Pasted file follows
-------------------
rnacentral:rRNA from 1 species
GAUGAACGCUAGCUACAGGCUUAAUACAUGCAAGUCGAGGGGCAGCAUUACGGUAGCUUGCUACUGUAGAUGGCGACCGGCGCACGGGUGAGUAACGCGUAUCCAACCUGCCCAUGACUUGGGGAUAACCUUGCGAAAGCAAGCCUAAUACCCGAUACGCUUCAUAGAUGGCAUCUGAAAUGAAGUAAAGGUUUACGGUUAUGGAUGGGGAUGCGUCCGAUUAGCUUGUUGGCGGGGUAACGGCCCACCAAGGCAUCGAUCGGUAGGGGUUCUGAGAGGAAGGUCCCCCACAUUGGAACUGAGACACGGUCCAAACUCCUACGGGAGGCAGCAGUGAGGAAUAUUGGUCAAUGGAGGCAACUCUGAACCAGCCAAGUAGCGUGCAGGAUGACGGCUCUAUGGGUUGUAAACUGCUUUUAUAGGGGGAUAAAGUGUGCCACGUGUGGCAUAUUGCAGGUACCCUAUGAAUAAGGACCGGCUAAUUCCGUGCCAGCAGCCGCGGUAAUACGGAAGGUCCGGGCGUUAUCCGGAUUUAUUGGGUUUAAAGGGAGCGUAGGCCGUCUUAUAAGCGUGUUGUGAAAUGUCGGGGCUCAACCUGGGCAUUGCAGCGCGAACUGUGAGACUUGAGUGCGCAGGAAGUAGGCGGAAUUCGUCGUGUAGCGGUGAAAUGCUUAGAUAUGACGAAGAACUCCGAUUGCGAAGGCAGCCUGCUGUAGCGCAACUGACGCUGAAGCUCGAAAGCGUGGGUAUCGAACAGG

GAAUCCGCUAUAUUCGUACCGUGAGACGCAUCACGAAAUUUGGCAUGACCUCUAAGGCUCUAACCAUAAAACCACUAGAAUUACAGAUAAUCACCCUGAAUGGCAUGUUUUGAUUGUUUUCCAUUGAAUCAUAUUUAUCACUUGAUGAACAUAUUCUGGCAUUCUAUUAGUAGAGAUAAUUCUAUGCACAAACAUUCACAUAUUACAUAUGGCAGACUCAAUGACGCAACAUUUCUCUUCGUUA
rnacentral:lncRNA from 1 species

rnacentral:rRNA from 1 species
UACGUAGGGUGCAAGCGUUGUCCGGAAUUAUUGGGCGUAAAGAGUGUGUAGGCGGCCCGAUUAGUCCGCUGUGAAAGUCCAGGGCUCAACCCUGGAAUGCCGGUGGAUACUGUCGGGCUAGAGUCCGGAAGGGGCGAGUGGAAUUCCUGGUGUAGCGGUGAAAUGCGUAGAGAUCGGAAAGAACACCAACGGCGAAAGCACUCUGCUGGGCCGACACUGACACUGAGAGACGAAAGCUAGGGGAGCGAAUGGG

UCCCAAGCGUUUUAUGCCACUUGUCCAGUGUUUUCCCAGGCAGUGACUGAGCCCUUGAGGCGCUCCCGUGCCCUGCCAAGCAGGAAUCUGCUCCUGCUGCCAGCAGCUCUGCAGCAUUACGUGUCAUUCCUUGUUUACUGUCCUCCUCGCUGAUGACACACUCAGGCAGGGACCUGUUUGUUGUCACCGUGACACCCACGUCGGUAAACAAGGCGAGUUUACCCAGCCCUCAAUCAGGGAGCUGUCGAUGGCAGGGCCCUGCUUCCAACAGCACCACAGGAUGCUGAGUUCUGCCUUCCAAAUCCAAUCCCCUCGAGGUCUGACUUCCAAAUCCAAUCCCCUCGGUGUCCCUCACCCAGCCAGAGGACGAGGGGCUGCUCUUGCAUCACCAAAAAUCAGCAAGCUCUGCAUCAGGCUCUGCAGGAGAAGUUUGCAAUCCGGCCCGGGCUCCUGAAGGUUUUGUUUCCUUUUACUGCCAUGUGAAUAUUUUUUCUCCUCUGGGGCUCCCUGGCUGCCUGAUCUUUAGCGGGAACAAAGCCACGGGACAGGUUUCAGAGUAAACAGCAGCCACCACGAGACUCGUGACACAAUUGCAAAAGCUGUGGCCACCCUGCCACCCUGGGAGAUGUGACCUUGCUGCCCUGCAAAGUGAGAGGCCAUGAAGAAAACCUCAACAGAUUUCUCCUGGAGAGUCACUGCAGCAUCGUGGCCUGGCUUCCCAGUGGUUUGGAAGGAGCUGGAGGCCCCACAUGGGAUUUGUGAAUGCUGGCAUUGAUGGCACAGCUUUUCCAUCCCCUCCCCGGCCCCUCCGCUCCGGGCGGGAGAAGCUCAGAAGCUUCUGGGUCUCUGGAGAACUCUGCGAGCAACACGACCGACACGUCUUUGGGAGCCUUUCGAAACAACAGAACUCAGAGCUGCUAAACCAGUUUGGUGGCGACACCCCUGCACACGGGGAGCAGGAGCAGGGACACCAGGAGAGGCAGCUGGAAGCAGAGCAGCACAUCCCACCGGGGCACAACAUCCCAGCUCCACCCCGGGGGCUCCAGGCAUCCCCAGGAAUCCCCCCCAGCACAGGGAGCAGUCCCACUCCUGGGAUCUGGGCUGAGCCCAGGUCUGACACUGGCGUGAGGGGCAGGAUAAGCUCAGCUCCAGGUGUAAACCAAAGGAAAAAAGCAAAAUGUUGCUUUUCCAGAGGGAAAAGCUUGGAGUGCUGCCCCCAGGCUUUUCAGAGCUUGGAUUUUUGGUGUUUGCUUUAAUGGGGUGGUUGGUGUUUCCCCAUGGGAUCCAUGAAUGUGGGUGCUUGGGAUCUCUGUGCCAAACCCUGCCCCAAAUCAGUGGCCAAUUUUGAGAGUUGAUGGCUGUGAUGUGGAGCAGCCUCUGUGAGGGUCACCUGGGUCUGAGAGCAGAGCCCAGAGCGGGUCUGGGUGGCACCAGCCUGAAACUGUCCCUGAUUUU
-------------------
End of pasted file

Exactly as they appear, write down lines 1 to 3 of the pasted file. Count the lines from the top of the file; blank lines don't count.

rnacentral:rRNA from 1 species
GAUGAACGCUAGCUACAGGCUUAAUACAUGCAAGUCGAGGGGCAGCAUUACGGUAGCUUGCUACUGUAGAUGGCGACCGGCGCACGGGUGAGUAACGCGUAUCCAACCUGCCCAUGACUUGGGGAUAACCUUGCGAAAGCAAGCCUAAUACCCGAUACGCUUCAUAGAUGGCAUCUGAAAUGAAGUAAAGGUUUACGGUUAUGGAUGGGGAUGCGUCCGAUUAGCUUGUUGGCGGGGUAACGGCCCACCAAGGCAUCGAUCGGUAGGGGUUCUGAGAGGAAGGUCCCCCACAUUGGAACUGAGACACGGUCCAAACUCCUACGGGAGGCAGCAGUGAGGAAUAUUGGUCAAUGGAGGCAACUCUGAACCAGCCAAGUAGCGUGCAGGAUGACGGCUCUAUGGGUUGUAAACUGCUUUUAUAGGGGGAUAAAGUGUGCCACGUGUGGCAUAUUGCAGGUACCCUAUGAAUAAGGACCGGCUAAUUCCGUGCCAGCAGCCGCGGUAAUACGGAAGGUCCGGGCGUUAUCCGGAUUUAUUGGGUUUAAAGGGAGCGUAGGCCGUCUUAUAAGCGUGUUGUGAAAUGUCGGGGCUCAACCUGGGCAUUGCAGCGCGAACUGUGAGACUUGAGUGCGCAGGAAGUAGGCGGAAUUCGUCGUGUAGCGGUGAAAUGCUUAGAUAUGACGAAGAACUCCGAUUGCGAAGGCAGCCUGCUGUAGCGCAACUGACGCUGAAGCUCGAAAGCGUGGGUAUCGAACAGG

GAAUCCGCUAUAUUCGUACCGUGAGACGCAUCACGAAAUUUGGCAUGACCUCUAAGGCUCUAACCAUAAAACCACUAGAAUUACAGAUAAUCACCCUGAAUGGCAUGUUUUGAUUGUUUUCCAUUGAAUCAUAUUUAUCACUUGAUGAACAUAUUCUGGCAUUCUAUUAGUAGAGAUAAUUCUAUGCACAAACAUUCACAUAUUACAUAUGGCAGACUCAAUGACGCAACAUUUCUCUUCGUUA